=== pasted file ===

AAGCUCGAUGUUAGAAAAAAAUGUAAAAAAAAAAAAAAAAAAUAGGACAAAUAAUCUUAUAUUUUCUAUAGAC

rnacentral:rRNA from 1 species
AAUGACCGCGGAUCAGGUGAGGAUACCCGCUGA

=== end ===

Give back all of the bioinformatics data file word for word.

AAGCUCGAUGUUAGAAAAAAAUGUAAAAAAAAAAAAAAAAAAUAGGACAAAUAAUCUUAUAUUUUCUAUAGAC

rnacentral:rRNA from 1 species
AAUGACCGCGGAUCAGGUGAGGAUACCCGCUGA